(DGR steps up for round-up duty, and he prepared a really big round-up, so big that your humble editor decided to divide it into two parts. Part One is here.)
In case you missed it, Friday was a kind of slow date for the site. We’ve had times like this before, where various outside influences conspire to make sure that we post with the speed at which animals are able to escape the La Brea Tar Pits. That doesn’t mean we weren’t up here in space, lookin’ down on you and keeping track of various rumblings going throughout the web.
I’ve gathered together eight fairly recent developments in the heavy metal world for you all to enjoy. As usual, I’ve tried to catch stuff that has flown under the radar and mix it in with a few things that have likely made a big splash across the web already. This collection of stories covers a pretty good swath of the globe in terms of distance but has a foot heavily planted in the death metal and doom metal realms, making a few labored grasps to the outside genre world.
We turn next to Norway’s blackjazz entourage Shining. The group have been building up to the release of their new disc International Blackjazz Society, and recently the song “Last Day” found its way to the web.
“Last Day” joins “The Last Stand” as the two leadoffs for International Blackjazz Society, and it seems like Shining intend to continue their transition away from being a violently spastic and noisy metal band with hefty jazz elements into a more straightforward hard-rocking group. The band still get abrasive on the group’s “Last” pairing of songs, but both go the route of many of the songs on One One One — hard, driving riffs that keep your head nodding and infectious melodies that are bound to get stuck in your head.
This may partially be why I put so much heavy-as-hell death metal throughout this two-part post, because this song is catchy as hell, and I’m sure some folks will likely feel guilty for any finger-snapping and feet-tapping they get up while “Last Day” is blasting its way through your speakers. It feels almost designed to get its hooks in you.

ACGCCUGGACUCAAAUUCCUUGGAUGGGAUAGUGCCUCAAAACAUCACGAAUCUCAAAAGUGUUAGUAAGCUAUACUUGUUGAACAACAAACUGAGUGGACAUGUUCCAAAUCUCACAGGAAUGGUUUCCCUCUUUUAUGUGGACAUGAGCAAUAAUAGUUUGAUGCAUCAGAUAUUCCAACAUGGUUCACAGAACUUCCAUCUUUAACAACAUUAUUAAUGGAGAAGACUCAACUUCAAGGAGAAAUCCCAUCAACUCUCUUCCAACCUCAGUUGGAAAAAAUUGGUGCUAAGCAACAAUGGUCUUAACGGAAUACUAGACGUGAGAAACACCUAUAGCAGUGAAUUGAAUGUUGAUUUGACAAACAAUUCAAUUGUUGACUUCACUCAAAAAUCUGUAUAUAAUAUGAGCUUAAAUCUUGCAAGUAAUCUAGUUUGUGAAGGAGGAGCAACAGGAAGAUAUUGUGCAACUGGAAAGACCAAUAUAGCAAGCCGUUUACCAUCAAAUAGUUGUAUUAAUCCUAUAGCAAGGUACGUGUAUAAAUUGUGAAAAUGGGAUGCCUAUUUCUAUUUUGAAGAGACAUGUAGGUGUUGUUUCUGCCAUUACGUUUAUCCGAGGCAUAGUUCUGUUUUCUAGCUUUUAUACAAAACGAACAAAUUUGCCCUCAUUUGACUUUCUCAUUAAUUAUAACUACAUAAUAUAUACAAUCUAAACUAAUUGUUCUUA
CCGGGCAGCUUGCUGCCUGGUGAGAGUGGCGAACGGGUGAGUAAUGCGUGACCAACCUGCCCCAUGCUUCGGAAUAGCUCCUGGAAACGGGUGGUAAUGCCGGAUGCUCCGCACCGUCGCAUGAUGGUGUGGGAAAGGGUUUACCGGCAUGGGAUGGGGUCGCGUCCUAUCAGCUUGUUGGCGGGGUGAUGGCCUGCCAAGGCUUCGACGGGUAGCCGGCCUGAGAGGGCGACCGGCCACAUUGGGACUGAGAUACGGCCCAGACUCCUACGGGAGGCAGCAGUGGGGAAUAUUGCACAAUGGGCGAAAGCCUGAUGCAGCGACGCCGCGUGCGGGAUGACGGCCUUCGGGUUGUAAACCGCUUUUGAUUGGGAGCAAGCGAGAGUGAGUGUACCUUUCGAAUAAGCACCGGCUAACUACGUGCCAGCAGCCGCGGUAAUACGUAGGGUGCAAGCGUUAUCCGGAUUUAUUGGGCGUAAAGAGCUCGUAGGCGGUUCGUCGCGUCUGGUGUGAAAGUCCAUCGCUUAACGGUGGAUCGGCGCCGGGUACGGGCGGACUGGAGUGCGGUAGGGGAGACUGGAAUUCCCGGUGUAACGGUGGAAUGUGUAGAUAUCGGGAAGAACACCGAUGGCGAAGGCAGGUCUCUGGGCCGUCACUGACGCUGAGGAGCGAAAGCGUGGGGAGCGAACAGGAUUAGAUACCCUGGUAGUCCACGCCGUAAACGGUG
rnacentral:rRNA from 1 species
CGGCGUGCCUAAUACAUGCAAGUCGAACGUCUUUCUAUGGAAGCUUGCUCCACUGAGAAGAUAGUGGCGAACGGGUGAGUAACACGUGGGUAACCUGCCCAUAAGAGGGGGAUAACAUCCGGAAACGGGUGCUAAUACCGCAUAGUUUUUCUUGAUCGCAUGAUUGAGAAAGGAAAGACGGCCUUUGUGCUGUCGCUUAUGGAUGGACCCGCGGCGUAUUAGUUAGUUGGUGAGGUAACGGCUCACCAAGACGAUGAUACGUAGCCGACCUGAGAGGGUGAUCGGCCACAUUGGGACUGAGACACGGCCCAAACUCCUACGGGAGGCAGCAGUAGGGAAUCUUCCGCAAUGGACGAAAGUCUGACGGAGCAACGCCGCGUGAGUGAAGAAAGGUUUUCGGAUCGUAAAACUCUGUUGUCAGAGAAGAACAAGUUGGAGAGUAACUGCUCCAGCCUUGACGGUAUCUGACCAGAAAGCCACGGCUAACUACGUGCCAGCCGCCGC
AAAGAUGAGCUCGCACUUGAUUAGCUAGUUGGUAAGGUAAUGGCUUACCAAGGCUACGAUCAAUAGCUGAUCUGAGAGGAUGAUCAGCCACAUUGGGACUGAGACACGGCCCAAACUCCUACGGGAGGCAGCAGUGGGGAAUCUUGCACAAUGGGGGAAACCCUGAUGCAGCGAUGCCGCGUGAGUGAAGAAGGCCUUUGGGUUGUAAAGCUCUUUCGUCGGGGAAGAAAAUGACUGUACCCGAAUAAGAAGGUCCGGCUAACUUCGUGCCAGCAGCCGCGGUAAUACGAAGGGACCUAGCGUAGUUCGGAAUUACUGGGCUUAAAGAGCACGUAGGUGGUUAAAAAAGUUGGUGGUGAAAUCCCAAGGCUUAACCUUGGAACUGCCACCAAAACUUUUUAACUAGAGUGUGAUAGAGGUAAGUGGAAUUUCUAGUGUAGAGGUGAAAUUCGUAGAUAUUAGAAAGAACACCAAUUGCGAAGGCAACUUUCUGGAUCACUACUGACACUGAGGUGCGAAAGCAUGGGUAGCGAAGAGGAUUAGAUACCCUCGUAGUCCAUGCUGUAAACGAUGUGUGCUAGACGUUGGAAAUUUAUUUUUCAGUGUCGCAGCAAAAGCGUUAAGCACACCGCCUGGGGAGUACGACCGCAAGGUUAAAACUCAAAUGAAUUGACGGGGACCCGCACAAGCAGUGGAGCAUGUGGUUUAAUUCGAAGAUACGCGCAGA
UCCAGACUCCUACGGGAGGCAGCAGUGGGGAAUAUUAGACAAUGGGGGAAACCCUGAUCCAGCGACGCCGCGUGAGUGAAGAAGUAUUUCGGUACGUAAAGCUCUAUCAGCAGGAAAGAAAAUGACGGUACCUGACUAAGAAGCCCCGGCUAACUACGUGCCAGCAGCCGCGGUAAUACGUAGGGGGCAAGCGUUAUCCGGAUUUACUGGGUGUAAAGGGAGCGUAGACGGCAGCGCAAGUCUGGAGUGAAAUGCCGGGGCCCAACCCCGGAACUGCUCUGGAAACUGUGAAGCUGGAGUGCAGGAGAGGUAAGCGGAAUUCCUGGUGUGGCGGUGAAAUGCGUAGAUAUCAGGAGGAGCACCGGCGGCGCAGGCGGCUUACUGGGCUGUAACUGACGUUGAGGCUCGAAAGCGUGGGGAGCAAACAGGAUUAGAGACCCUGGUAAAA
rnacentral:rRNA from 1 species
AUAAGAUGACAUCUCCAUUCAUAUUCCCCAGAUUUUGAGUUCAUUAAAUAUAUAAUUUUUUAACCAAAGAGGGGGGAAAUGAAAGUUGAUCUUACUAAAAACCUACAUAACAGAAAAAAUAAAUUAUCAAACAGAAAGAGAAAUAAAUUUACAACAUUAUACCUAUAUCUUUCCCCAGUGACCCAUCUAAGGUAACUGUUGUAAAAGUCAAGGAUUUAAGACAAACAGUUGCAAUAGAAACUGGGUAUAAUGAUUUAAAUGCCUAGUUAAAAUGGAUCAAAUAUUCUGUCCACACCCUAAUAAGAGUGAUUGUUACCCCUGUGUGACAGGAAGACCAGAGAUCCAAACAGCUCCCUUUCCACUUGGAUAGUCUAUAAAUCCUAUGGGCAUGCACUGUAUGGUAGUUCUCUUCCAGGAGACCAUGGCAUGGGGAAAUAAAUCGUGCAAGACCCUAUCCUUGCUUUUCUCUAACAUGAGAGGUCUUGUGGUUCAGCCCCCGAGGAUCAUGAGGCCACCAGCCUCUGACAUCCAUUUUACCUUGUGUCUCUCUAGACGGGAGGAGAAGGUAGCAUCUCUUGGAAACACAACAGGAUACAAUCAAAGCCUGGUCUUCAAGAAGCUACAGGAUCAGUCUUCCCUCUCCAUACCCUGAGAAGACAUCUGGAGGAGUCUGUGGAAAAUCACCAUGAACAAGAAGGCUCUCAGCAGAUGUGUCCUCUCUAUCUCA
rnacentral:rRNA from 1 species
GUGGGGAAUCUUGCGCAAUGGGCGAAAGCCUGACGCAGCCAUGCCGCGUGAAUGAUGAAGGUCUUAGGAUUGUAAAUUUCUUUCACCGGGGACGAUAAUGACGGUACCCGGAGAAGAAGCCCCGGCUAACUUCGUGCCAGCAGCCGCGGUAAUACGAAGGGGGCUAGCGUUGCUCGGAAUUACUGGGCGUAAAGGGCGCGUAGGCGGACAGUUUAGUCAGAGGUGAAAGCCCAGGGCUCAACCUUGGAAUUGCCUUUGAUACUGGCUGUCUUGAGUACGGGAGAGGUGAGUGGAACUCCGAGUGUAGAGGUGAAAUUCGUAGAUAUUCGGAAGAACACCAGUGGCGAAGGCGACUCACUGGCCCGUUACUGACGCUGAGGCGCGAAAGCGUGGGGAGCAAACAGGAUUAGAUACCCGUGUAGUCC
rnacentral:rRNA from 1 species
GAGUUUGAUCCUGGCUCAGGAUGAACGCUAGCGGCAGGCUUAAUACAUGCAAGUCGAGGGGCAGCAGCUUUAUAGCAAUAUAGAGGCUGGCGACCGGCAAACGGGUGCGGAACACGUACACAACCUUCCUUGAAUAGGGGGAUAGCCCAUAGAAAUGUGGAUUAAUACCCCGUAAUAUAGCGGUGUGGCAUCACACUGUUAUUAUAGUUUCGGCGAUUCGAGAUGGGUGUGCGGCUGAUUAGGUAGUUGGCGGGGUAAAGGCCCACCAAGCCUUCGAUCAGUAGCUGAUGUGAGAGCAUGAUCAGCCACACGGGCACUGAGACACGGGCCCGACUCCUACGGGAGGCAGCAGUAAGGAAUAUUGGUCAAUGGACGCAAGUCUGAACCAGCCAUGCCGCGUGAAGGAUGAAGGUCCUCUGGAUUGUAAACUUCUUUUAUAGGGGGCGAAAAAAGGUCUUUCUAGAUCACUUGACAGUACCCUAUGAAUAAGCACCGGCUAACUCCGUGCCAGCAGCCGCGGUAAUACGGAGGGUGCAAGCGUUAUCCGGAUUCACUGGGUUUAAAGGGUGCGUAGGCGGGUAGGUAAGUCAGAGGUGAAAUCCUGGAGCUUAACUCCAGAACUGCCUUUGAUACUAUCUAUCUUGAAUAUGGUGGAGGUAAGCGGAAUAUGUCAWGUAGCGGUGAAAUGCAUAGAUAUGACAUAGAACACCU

International Blackjazz Society will be released in a little under a month, on October 23rd.
Our next band today is the French group Praetoria, based out of Paris. Praetoria were founded back in 2009, but on October 5th the group will be launching their debut album Mirror of Modernity. On the 21st, Praetoria uploaded their first single from Mirror Of Modernity to the web, a song entitled “This World Immersed”.
Praetoria stand in pretty stark contrast to a lot of what is featured in this roundup, as the band have a hefty -core element to their overall sound, meaning that they line up pretty strongly with today’s modern metal trends, bouncing back and forth between a speed-heavy, thrash-inspired guitar-work-loaded side of the spectrum across to a hammering and rhythmic death metal side. “This World Immersed” contains all of those elements, as well as a few others, including a quick Messhugah-and-Sybreed-caliber rhythmic chug about 3/4ths of the way through the song.
As this is likely the intro to the band for a bunch of people who read our little corner of the web, it’s good that “This World Immersed” seems to be covering pretty much all the ground that the band have available to them in its neatly packed four-and-a-half-minute runtime. Right now, you can grab “This World Immersed” on Bandcamp for name your own price after listening to it in the stream below.
The Andorran band Nami put out a music video for the song “Bless Of Faintness” last week, premiering it on PureGrainAudio in the States. The song is from Eternal Light Of The Unconscious Mind, which came out in 2013. I reviewed the album for NCS and nominated the song “Silent Mouth” (which features Loic from The Ocean absolutely killing it on guest vocals) as one of our “most infectious” of that year.
“Bless Of Faintness” is kind of in the same vein, as the band transitioned from a weird prog/death hybrid into a progressive with heavy post elements about a year before that sound really seemed to explode on Eternal Light. “Hope In Faintness”, the song that follows “Bless of Faintness” is one of Eternal Light’s highlight tracks. As for “Bless…”, the song is entirely clean sung, and it is nice seeing them put visuals to music, even two years out from the disc’s release. I think that marks two music videos and a lyric video for them, which is pretty par for the course for an album cycle.
This final item is a kind of last-minute addition. The long-running Austrian grind band Mastic Scum also recently put out a video for a song from an album that I reviewed for NCS, 2013’s CTRL. It’s a live shot with the occasional interspersed lyrics and symbolic visualization. The song itself still wrecks shit, but that is kind of the general mood for CTRL anyway, and “Dehumanized” is the album’s opener.